Dr. Lucas’s research explores how various aspects of schooling influence Latinx and multilingual children’s socioemotional development, with the goal of identifying and amplifying the strengths and assets in children, families, and schools that may buffer the deleterious academic, social, and psychological effects that children experience in response to bias and discrimination. Dr. Lucas plans to use training from the IMMERSE fellowship to explore perceptions of school climate and the use of socioemotional strategies among Black and Latinx students and their teachers.

Zitsi Mirakhur

Assistant Professor, College of Education

University of Kentucky

Dr. Mirakhur’s research focuses on understanding the ways in which we can generate more equitable school experiences and outcomes for K-12 students. Dr. Mirakhur plans to use training from the IMMERSE fellowship to extend research on persisting students, high school students who do not graduate in four years but remain enrolled, attempting to earn their diplomas.

Jill Rabinowitz

Assistant Scientist, Department of Mental Health

Johns Hopkins Bloomberg School of Public Health

Dr. Rabinowitz’s research focuses on understanding individual-level and contextual factors that influence educational outcomes and correlates particularly in historically marginalized populations. Dr. Rabinowitz plans to use training from the IMMERSE fellowship to explore person-centered approaches to identify subgroups that may benefit from various preventions and interventions aimed at improving youth academic achievement and mental health

Monica Romero

Assistant Professor, School Psychology

University of Texas at Austin

Dr. Romero’s research focuses on promoting positive academic outcomes for Latine newcomers through culturally and linguistically responsive interventions, assessments, and multi-tiered system of supports. Dr. Romero plans to use training from the IMMERSE fellowship to explore Spanish-speaking students’ oral language and literacy skills for students who are at risk for learning disabilities.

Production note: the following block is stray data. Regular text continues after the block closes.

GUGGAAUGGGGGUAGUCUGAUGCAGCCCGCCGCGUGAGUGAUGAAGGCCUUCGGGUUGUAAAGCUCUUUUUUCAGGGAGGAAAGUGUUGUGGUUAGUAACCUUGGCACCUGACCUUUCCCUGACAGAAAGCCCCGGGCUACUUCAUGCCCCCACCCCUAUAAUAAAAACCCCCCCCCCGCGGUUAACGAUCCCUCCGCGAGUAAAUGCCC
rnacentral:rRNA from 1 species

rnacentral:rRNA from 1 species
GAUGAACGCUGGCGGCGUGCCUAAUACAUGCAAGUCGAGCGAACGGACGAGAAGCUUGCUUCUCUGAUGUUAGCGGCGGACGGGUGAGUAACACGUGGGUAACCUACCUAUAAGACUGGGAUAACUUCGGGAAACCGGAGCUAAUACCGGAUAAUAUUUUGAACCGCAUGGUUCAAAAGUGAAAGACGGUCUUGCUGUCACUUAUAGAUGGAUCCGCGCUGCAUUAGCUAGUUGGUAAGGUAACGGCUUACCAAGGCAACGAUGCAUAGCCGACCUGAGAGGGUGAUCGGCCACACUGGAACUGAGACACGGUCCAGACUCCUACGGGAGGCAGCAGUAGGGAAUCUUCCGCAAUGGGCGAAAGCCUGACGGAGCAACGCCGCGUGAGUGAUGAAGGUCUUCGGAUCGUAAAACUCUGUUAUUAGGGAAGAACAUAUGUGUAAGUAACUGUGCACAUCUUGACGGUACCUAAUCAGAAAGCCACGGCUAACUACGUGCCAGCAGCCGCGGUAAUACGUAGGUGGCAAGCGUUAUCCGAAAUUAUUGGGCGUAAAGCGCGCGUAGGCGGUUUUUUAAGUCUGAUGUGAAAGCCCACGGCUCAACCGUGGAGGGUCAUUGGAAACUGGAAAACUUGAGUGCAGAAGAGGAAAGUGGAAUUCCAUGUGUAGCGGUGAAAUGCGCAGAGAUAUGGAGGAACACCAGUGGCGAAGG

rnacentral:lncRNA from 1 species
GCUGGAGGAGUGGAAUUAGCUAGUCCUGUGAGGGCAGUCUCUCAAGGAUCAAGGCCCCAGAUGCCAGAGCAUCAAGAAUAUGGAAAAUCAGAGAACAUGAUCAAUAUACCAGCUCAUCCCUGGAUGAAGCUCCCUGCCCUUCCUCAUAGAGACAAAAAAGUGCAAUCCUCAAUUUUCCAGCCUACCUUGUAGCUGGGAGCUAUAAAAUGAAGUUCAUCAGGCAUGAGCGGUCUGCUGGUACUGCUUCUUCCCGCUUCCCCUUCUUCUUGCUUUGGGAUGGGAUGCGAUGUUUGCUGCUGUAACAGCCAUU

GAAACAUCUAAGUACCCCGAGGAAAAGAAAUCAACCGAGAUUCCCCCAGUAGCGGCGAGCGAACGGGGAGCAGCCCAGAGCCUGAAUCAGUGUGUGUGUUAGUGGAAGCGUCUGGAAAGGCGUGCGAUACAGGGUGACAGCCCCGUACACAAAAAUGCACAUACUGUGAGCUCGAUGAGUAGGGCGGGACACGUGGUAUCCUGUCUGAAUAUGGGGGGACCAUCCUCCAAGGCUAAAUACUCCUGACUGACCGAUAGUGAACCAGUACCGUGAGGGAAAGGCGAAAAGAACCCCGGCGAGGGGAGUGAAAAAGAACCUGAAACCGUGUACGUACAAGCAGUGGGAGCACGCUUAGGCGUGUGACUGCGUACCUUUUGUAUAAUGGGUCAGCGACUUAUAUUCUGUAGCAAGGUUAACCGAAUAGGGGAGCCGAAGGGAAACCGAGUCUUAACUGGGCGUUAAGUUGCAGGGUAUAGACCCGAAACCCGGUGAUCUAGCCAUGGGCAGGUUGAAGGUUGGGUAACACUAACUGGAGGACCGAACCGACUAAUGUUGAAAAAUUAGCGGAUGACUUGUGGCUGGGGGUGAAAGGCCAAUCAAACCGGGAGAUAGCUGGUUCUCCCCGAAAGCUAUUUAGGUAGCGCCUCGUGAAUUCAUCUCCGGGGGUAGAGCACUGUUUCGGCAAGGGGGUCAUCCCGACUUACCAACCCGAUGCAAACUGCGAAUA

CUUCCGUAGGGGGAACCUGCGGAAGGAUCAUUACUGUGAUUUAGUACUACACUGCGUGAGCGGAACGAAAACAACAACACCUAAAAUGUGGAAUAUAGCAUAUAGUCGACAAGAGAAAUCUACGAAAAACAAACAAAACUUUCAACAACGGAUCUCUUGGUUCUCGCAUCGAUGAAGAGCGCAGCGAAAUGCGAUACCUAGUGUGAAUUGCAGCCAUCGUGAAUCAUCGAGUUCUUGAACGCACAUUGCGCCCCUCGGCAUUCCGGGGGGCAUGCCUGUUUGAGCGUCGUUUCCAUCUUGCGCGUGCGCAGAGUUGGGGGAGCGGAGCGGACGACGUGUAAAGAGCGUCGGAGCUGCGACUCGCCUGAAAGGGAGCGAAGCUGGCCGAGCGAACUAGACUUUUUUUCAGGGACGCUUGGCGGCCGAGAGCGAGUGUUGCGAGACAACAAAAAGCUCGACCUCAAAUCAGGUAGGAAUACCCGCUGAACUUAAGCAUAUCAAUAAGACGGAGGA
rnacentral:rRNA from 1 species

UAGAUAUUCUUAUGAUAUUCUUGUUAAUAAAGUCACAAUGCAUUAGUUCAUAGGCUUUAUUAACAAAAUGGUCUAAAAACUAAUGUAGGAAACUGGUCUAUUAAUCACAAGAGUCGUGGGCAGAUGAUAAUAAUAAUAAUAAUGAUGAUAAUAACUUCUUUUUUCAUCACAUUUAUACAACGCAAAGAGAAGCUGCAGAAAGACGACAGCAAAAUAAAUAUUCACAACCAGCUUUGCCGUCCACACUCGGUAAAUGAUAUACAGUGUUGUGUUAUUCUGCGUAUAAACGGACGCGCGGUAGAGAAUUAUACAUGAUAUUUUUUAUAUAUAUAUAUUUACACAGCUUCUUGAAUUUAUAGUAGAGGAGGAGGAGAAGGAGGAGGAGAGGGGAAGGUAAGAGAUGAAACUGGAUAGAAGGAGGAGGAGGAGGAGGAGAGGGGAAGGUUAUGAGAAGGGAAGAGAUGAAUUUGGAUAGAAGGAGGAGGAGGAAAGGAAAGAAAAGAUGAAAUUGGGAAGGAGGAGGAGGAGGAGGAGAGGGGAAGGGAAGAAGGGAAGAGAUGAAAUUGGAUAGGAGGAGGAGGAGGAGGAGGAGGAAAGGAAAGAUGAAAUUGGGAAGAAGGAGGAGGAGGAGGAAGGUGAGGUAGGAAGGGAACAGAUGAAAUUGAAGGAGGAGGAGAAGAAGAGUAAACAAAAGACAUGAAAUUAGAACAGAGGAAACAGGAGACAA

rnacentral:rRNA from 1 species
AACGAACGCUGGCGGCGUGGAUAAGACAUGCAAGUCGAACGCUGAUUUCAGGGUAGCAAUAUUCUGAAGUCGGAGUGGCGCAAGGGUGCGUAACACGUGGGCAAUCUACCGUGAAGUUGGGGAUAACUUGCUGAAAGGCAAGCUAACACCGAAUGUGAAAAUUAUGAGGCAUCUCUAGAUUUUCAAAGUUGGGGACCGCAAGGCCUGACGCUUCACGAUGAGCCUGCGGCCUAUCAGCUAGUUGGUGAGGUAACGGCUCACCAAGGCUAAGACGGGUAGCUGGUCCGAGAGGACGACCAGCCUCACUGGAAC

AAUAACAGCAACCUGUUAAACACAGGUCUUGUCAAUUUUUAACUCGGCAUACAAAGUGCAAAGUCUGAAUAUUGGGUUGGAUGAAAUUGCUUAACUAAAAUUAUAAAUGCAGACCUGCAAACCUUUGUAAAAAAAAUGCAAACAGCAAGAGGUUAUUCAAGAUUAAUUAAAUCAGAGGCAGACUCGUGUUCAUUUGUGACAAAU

Angela Starrett

Research Associate, Child Development Research Center, College of Education 

University of South Carolina

Dr. Starrett’s research interests focus on understanding how youth from rural communities adjust to various changes, challenges, and demands from early childhood through middle adolescence. Dr. Starrett plans to use training from the IMMERSE fellowship to examine risk and resilience factors in rural youth development and intra-child developmental variation.

Christa Winkler

Assistant Professor, Higher Education Leadership

Mississippi State University

Dr. Winkler research examines students’ educational experiences and outcomes during college. Dr. Winkler plans to use training from the IMMERSE fellowship to examine the complex and nuanced development of historically marginalized college students.

Matthew Zajic

Assistant Professor, Department of Health and Behavior Studies

Teachers College, Columbia University

Dr. Zajic’s research focuses on understanding and supporting the writing development of autistic individuals across the lifespan, with particular attention to theory, measurement and assessment, and instruction and intervention. Dr. Zajic plans to use training from the IMMERSE fellowship to explore heterogeneity within writing, literacy, academics, and neurodiversity by examining how linguistic, cognitive, and social demands of writing intersect with the diverse profiles and abilities of autistic individuals.